Thirteen percent who returned home were harmed, with half suffering emotional abuse and around 26 percent assaulted.
The monitor’s chief executive, Arran Jones, said the watchdog’s own investigation showed not enough was being done to ensure children were safe.
“What we saw is that there wasn’t sufficient presence from Oranga Tamariki, they weren’t there in these homes to make sure that everything was being done to make sure they were safe. So only 35 percent of these kids were visited weekly for the first month from when they returned. You’d expect to see the rate of visits a lot higher,” Jones said.
The children’s watchdog is also accusing Oranga Tamariki of sending children home when the parent is not ready for them.
Jones said children going home prematurely were not going back to a stable environment
“We heard from some of them that said they just weren’t ready for their children to come home, they hadn’t completed programmes that they’ve been wanting to do whether it’s to do with drug or counselling. And so actually the whole system needs to step up here. There’s a lack of services and support for these families,” Jones said.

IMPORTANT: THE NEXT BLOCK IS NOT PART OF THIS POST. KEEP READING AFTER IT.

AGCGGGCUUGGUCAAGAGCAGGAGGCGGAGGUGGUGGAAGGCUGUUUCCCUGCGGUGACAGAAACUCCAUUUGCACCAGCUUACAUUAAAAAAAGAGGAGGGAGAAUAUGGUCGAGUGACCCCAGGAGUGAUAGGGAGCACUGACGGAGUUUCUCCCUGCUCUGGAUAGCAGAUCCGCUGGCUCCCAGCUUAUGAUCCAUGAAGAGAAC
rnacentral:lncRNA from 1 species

Meanwhile in youth residences about 20 percent of children were abused in the last year.
From these figures 84 percent of the harm experienced was caused by other children in the facility, while the other 11 percent came from staff members.
The report showed there were more than 400 cases of physical abuse, almost 300 of emotional abuse, 95 of sexual abuse and 67 cases of neglect.
Jones said the independent monitor would release its own report on Thursday looking at what was happening to children in care.